“Following the science” – Really?
A catchy mantra perhaps to help insulate Governments from responsibility, but is this really a credible excuse for the biggest self-inflicted collapse in economic activity and personal liberty since WW2? Relying on the output of a “scientific model” may sound sensible, but when that model is based on incomplete, if not flawed data, then the conclusions could be worse than worthless. Digging a hole and hiding in it might seem rational approach to avoiding a communicable disease, but not if the collateral damage is worse; something rarely included in these models.
At the very least, one might have hoped that after five months of this pandemic we would have some reliable data on the rate of asymptomatic infections, from which one might deduce the overall level of infections and importantly the real mortality rate of this disease and by demographic and health groups. Is COVID-19 no more dangerous to certain groups than a bad influenza year and if so, perhaps the focus could be more easily placed on those at risk groups instead? What has been plainly obvious from the start was that Governments would not be able to sustain lockdowns until a possible vaccine availability, so are now being caught in their own policy cul de sacs in trying to justify reopening markets while without any effective mitigations – what a mess!!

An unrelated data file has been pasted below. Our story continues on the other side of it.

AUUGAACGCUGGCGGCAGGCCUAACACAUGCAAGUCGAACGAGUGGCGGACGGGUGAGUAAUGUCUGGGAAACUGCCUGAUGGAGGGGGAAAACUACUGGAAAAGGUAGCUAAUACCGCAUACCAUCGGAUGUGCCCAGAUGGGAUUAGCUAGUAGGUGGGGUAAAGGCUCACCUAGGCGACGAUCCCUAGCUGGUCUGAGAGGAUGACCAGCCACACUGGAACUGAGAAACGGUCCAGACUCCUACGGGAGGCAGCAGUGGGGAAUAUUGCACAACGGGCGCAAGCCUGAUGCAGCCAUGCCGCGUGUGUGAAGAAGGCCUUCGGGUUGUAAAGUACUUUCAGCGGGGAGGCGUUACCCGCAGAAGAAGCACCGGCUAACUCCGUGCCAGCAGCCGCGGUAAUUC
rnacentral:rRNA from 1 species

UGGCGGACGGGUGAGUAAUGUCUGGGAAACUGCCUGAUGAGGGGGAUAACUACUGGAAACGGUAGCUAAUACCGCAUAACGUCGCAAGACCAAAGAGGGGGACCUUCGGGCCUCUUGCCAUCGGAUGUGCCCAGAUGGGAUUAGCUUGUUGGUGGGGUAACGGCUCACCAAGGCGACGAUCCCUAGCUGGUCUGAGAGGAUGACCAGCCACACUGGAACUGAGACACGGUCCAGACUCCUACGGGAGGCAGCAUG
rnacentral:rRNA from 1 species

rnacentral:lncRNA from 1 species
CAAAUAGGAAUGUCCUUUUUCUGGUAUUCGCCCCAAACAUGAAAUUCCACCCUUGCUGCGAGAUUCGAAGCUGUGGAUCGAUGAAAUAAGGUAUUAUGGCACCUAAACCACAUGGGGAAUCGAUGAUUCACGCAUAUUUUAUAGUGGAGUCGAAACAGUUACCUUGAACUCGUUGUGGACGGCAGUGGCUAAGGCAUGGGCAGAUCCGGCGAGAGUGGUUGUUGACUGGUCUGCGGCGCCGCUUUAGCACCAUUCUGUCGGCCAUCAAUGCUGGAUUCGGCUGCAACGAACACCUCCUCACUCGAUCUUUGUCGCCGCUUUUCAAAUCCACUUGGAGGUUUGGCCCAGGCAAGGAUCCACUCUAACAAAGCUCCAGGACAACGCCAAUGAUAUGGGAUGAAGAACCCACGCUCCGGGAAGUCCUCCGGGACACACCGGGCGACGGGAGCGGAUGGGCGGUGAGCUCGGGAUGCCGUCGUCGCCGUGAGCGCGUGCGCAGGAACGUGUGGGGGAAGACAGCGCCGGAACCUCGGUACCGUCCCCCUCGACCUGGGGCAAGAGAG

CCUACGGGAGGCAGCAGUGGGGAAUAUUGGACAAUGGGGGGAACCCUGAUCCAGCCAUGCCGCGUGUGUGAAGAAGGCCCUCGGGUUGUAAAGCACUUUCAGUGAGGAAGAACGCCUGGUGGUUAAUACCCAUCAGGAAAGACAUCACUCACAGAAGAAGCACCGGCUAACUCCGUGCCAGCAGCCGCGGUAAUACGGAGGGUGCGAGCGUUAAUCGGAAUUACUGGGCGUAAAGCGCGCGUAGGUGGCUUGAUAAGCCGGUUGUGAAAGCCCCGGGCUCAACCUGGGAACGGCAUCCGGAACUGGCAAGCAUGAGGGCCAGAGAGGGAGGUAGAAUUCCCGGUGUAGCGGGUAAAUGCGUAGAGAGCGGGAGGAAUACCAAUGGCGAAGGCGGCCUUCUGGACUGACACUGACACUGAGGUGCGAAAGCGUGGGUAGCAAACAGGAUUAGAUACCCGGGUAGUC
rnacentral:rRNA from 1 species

Even the normally unflappable Dr John Campbell seemed exasperated at the parlous state of data on the rate of asymptomatic cases, where studies suggest anywhere between 5% to 80%. Hardly the basis for an informed estimate of the real infection and mortality rates which must lie at the heart of any policy response by governments. Dr Campbell’s summary of the various studies to date are an excellent, if not essential analysis and is well worth watching.